Posts Tagged ‘GREs’

Dear GRE Services…

You’re sneaky little bastards, you know that, GREs? Hell, I bet you scored high marks on your own exam. You set up the most complicated, long-winded messages on your phone services to scare away questions. Actually, I don’t think there are customer representatives. There’s just the Matrix. A huge supercomputer with the voice of a ribbon-girl blonde cheerleader in a power suit that tells me to press 1 to continute. That’s really what the Matrix is, and you’ve trapped all college graduates in it to suck all their electrical impulses and dollar bills out of their orifices. After all, it’s not like I paid 51 grand a year for my education at this point. But kudos to you for figuring out another way to scam us!

Nevermind that you can’t tell that I’ve read Dante’s Divine Comedy in nine different translations, can make an incredible spaghetti sauce from scratch, or once trained for a marathon. Nevermind that my scores don’t speak to my social graces, charm, or cocktail party conversation. Nevermind that I’ve traveled through the Western Desert or am writing a novel. What matters are numbers, GREs, and you understand that with impeccable aplomb (aren’t you proud I used that word?) Numbers tell the truth. Numbers don’t lie. Except about someone’s intelligence when they’re a bad test taker. But that’s life, isn’t it? And you’re all about life. Especially in anaologies: life is written all over those. Here’s one for you:

GREs: real life :: unnecessary, impractical Renaissance-revival statuettes crafted of horseshit: _______

Bah, but people forget that you aren’t really about testing uselessly: you teach recent undergraduates valuable, practical life skills! Like spending an inordinate amount of money– and you teach us that pretty well. That baseline of $180 does it really well. And that $20 to send your scores to another school– my God, that’s like private tutoring in how to waste money. And for the overachievers (there are always some– how ever did you know?) who can’t wait to get their scores back, you tell them to calm down. Wait. Be patient. Or pay $12 to hear your scores on the phone when they’re been sent out and you won’t let them access them online.

And thanks, by the way, for the preparation booklet you sent me. Thanks for not sending it the DAY BEFORE THE EXAM (I checked the postmark).

You are a soulless, godless, unethical organization, ETS. Pontius Pilate at least washed his hands. GREs are your Rosemary’s Baby. Yes, you are Roman Polanski in this metaphor. At least he had the decency to produce art and run away. But no: you remain. And what do you produce? Pain. You produce pain. You are vampirically sucking out money I could use on food, ETS. But you’re doing it for our own good, you say? Because grad schools need you around to provide a level-planed standard of evaluation? Do you know what that makes you? You’re the Edward fucking Cullen of the academic system, sparkly in the sunlight of application reviews, but useless in Life.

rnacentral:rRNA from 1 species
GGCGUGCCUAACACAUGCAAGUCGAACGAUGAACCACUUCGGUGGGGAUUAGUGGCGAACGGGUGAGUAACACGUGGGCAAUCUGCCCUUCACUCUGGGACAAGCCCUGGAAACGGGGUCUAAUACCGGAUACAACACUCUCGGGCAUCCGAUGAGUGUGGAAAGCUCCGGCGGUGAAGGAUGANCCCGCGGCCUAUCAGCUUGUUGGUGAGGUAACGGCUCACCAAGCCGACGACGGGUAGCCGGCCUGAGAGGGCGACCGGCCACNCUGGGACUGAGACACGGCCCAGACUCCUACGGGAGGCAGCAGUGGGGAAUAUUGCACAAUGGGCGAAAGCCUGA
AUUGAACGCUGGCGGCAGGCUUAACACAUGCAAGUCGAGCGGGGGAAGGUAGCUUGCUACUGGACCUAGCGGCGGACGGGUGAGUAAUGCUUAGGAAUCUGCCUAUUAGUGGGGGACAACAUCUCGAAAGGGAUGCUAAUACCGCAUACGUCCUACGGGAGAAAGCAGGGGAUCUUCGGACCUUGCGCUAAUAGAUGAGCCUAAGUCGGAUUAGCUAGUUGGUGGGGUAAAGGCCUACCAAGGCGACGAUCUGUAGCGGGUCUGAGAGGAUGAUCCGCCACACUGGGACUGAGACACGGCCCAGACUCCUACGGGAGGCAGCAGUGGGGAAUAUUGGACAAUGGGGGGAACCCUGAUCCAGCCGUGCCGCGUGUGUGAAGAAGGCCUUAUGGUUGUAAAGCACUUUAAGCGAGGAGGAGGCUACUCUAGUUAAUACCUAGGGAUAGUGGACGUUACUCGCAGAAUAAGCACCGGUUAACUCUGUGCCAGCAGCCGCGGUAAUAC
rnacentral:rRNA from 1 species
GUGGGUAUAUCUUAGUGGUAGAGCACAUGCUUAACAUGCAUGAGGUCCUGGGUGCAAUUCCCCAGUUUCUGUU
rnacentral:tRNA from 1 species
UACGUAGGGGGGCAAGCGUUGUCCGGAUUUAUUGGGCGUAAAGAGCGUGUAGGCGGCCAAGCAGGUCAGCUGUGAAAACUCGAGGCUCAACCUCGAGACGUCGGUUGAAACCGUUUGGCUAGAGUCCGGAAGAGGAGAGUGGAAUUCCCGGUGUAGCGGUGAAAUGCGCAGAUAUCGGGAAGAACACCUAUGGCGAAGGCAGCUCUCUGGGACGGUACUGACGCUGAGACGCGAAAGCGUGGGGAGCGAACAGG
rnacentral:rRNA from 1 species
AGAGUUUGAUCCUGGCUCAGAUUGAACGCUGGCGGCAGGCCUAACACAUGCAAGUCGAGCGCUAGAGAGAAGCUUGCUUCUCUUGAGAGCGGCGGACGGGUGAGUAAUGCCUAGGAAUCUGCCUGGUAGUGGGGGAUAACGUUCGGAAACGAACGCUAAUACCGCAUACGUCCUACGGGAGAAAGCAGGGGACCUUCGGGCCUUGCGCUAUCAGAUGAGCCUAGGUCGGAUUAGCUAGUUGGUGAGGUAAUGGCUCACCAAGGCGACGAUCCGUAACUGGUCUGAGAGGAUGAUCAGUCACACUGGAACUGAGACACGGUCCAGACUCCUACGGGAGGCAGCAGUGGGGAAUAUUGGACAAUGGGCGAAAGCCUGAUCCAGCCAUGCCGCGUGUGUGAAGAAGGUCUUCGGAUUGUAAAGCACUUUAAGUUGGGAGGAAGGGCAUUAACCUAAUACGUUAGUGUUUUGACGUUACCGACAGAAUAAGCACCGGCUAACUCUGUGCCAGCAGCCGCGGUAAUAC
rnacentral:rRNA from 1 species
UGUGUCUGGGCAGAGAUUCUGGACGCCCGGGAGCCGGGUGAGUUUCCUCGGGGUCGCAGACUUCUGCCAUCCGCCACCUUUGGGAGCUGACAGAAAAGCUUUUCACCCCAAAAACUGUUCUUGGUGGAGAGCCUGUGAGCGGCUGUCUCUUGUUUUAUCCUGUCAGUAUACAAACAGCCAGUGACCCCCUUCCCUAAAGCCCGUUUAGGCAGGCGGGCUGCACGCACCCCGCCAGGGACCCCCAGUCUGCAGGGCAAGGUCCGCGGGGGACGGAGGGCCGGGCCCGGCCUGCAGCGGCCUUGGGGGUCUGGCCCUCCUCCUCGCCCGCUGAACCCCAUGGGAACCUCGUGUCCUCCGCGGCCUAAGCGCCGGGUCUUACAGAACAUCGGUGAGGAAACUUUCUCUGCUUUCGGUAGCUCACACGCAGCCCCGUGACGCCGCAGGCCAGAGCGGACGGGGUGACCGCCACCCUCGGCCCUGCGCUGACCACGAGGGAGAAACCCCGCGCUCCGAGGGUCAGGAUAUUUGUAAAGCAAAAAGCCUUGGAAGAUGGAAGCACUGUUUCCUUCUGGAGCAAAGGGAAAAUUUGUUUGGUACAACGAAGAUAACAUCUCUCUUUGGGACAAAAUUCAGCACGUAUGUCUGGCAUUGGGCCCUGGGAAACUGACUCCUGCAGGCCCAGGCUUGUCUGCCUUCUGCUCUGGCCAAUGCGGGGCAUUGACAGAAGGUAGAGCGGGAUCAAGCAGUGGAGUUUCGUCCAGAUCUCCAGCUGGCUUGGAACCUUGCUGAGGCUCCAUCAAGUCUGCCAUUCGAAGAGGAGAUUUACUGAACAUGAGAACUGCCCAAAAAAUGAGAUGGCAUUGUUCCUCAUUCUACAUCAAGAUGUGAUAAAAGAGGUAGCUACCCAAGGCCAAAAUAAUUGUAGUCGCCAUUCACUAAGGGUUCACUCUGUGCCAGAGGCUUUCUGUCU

That makes you the Diet Coke of the academy. Tasteless, useless to even dissolve teeth in. Useless to wash blood off the highway with. You would like that, too.

What am I saying, though? I’m sorry. You do have some good personal qualities, too. Like offering me a pencil to use during the exam (though it didn’t have an eraser. Beggars can’t be choosers, though).  You also have testing centers internationally, where you offer the traditional paper test to us over in the third-world; giving us children and friends of less privileged nations the advantage of no air-conditioning, thereby pitting the obviously advantaged students in the sweltering rooms of the Giza district in Cairo against the comfortably cold, less physically capable students of the United States. Genius, GREs; absolutely genius. Even with the testing environment, you test us!

And at least, at the end of the day, I had the satisfaction  of bubbling in every single letter of my name on the answer sheet in that preparatory thirty minutes.

That’s what I went to college to do, anyway.


I’m worn out by the fighting, the anger. I waited twenty minutes on the phone to get my scores because they hadn’t arrive yet.

Everyone across admissions departments admits that this is an outdated method of assessing potential graduates. When the hell are American universities phasing them out, then?

I just want to go to grad school…


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A proper rant

I’m convinced that graduate school applications were designed specifically to weed out all the people who were “just thinking” of applyin to grad school. I’m reminded of the painful and idiotic process that undergraduate applications were, and working as a Senior Fellow for the Admissions Office last year hasn’t really restored my faith in anything. Sure, the process is a “human one”; your application gets read twice at Middlebury College. People discuss it. They argue for you; they argue against you. And tons of extremely qualified applicants get turned down everyday, NOT because they’re unqualified, or that we don’t want them, but we’re a small, liberal-arts school with a limited number of spaces.

I’m sure that grad school is a rarefied form of this process: after all, Midd’s got 500 spots — most programs I’m applying to have funding for 12. This time, however, you’re expected to be somewhat qualified for the things that you want to do. After all, you have a degree.